A particularly illuminating case in point is Alexander von Humboldt (1769–1859), who experienced an unexpected surge in prominence in 2004 when several of his works turned bestsellers.50 That Humboldt, [End Page 59] who is probably the German writer whose fame (as an almost mythic figure, most notably in Latin America) was most radically disproportionate to the reception of his texts, should experience such a remarkable posthumous renaissance can be attributed not least to the newly discovered relevance of his writing.51 Of all Goethezeit authors Alexander von Humboldt – a naturalist, traveller and artist – was by far the most polyglot, far-travelled and multi-disciplined; indeed, he was one of the earliest practitioners of a genuinely comparative pursuit of knowledge. 'Everything is exchange', he noted on 2 August 1803, thus coining a new motto for his unfailing belief in intellectual networks.52 In character with his transnational thinking, this note appears in German in the middle of the French section of his travel diaries – on Mexico, which at the time was a Spanish colony. In his cultural-historical essays Humboldt draws extensive comparisons between civilisations in Europe, the Orient and indigenous America. While juxtaposing one with the other, he seeks to combine a number of disciplines – anthropology, botany, art history, geology, linguistics and many more – continually transgressing the boundaries between the 'two cultures', the humanities and the natural sciences, at the very moment when their separation had become institutionalized.53 By correlating the Azteks with the Greeks or modern Prussians with the ancient Egyptians he dissolved the very hierarchies on which colonial hegemony was being premised, not to mention the fact that he explicitly criticised colonial practices and malpractices in his political writings.54 Humboldt invented comparative and post-colonial Literatur- and Kulturwissenschaften, cultural as well as literary studies, avant les lettres; his texts present themselves to us today as an originary form of Komparatistik originating in, from and beyond Germany, one, maybe even more remarkably, that already engages in the critique of the colonial condition while transcending the boundaries of national philologies and eschewing mono-disciplinarity.55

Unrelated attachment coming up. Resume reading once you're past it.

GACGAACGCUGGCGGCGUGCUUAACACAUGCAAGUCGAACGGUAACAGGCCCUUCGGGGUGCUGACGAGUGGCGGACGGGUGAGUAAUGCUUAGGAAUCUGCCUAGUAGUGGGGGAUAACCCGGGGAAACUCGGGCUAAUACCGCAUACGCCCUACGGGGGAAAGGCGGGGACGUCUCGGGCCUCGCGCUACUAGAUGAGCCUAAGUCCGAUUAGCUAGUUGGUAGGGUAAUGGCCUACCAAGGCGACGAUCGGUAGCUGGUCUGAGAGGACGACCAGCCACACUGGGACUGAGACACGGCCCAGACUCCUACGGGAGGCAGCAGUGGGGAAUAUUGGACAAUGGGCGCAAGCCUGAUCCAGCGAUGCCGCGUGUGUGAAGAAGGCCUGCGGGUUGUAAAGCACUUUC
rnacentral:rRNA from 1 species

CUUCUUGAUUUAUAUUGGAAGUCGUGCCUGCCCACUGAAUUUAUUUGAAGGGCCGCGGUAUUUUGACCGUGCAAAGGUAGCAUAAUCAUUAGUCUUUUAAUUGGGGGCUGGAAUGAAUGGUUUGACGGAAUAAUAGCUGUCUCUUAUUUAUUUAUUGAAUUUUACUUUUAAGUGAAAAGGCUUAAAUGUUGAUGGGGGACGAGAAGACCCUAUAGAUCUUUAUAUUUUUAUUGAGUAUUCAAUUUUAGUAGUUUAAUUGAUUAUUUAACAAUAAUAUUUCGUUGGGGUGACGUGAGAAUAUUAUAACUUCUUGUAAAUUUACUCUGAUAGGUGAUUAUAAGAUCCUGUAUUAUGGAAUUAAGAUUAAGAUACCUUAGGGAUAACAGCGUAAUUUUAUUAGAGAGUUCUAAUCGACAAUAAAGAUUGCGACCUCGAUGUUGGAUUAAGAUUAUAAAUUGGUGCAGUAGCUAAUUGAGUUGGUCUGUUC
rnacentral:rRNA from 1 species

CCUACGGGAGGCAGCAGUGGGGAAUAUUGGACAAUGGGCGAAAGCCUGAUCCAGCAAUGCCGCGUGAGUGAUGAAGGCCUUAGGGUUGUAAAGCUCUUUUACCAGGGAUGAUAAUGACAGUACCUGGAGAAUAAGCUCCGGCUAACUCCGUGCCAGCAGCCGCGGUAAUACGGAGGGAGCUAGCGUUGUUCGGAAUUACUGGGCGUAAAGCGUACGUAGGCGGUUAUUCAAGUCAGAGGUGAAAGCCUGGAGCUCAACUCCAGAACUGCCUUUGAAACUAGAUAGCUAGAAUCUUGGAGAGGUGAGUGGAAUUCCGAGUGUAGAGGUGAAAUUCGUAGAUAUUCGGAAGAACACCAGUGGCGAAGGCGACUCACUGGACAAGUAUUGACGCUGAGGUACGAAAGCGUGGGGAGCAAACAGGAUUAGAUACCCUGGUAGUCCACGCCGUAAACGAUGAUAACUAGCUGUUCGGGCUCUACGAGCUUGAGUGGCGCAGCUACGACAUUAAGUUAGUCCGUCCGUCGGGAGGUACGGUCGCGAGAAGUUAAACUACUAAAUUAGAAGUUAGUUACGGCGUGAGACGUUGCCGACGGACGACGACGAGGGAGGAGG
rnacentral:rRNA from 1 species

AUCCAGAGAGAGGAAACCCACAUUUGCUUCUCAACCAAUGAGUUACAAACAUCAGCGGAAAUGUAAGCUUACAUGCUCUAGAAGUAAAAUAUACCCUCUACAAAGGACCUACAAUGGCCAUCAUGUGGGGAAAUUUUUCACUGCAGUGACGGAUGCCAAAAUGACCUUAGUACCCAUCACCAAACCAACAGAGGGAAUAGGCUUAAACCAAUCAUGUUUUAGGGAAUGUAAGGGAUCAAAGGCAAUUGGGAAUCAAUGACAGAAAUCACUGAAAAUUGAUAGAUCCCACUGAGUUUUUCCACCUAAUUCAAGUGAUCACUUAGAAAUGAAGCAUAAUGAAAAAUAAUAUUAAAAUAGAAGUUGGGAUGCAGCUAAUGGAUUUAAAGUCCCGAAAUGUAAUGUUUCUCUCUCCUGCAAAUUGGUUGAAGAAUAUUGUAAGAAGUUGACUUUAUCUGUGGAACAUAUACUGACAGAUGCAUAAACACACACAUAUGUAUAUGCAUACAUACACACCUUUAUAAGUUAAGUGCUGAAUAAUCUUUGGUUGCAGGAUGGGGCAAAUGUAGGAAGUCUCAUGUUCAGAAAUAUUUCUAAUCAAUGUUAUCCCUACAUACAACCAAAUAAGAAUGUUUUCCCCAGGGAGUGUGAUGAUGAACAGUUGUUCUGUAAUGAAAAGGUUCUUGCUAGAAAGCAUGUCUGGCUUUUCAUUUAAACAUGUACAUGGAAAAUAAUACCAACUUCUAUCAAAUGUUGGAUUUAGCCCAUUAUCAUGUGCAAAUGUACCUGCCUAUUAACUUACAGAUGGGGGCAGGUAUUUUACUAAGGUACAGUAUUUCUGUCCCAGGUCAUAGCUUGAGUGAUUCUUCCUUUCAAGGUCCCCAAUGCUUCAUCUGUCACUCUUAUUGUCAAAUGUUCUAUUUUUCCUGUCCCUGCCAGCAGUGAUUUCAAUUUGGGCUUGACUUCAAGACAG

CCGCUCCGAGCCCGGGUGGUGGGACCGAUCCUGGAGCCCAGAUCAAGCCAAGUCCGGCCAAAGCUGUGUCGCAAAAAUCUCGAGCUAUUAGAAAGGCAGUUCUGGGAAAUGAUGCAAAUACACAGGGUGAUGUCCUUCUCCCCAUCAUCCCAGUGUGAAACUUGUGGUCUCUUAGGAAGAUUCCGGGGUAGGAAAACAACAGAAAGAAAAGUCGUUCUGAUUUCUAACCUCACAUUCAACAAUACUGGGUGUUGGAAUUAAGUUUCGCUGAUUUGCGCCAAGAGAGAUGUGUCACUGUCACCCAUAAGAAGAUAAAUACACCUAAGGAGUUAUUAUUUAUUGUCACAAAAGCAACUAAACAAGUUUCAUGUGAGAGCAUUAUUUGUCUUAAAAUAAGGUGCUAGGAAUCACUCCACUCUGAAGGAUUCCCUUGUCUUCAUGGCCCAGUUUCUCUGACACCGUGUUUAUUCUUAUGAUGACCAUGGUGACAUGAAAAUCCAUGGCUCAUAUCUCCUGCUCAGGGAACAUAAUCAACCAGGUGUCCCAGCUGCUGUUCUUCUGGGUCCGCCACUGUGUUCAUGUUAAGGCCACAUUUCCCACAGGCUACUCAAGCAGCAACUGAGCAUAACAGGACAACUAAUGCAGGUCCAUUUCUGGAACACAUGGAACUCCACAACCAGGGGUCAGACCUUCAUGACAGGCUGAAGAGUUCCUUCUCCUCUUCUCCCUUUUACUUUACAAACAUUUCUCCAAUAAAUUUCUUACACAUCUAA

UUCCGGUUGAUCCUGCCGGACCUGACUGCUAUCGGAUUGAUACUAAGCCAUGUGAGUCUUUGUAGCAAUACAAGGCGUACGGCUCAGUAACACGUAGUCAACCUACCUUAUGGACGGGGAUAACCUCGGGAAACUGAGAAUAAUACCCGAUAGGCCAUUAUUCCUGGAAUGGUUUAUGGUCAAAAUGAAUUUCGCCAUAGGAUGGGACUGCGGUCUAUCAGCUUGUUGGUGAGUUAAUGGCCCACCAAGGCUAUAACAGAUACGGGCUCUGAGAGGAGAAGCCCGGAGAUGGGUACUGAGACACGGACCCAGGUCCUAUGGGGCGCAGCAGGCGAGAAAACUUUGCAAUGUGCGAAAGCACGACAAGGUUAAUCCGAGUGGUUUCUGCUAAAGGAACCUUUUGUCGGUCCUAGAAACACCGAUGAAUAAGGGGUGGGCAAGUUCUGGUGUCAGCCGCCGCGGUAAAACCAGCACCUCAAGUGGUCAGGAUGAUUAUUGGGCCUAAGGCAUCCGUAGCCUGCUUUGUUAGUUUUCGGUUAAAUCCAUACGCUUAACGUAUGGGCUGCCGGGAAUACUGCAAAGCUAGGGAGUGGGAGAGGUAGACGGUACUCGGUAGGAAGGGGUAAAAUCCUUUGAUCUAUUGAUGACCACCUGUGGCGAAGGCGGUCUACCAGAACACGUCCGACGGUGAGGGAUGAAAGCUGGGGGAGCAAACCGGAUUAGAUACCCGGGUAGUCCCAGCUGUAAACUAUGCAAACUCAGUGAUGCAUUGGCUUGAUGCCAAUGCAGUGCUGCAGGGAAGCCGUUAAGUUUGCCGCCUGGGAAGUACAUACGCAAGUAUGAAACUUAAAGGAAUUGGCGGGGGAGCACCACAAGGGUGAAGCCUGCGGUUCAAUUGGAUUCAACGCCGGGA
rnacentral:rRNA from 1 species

With authors coming from nearly all the European languages and cultures, many today living outside of Europe, Holocaust studies are intrinsically comparative by nature; but other areas of the 'Third Reich' are also of comparative interest, yet have not received much attention. Something that has been overlooked for many years, for example, are the numerous foreign authors who experienced Nazi-Germany [End Page 60] at first hand from within, presenting their experiences in contemporary essays, letters, diaries or short stories.56 Among them are Christopher Isherwood, Virginia Woolf, Jean-Paul Sartre, Max Frisch, Albert Camus, Denis de Rougemont, Thomas Wolfe, Jean Genet, Meinrad Inglin, Sven Hedin and Karen Blixen. While some of these authors felt genuinely drawn to the ideology of fascism, others were overtly hostile to the regime; others yet saw their attitudes fluctuate over the course of their stay. Historically speaking, such commentaries based on actual experiences of contemporary observers are particularly illuminating in that they exhibit an air of immediacy and authenticity rarely contained in retrospective memoirs written and published long after the event. Such records are hence documents of both literary and factographical interest and belong in equal measure to the fields of (comparative) literature and history. But while they also provide material for a 'traditional' kind of comparative analysis of 'images of (Nazi) Germany', they simultaneously tend to challenge certain theoretical notions of intercultural exchange. For instance, especially those authors who responded most negatively towards Nazi Germany, assuming an overbearing posture and quasi-colonial rhetoric when they castigated it as a 'strange', 'foreign' and 'barbaric' place, in hindsight find themselves historically more than justified. Which only goes to show that accounts documenting particularly dynamic or erratic forms of perception, articulating contradictory or paradoxical positions, or showing ambivalences, idiosyncrasies and reversals of attitude on the part of the traveler, are likely to resist overly schematic models of discourse analysis.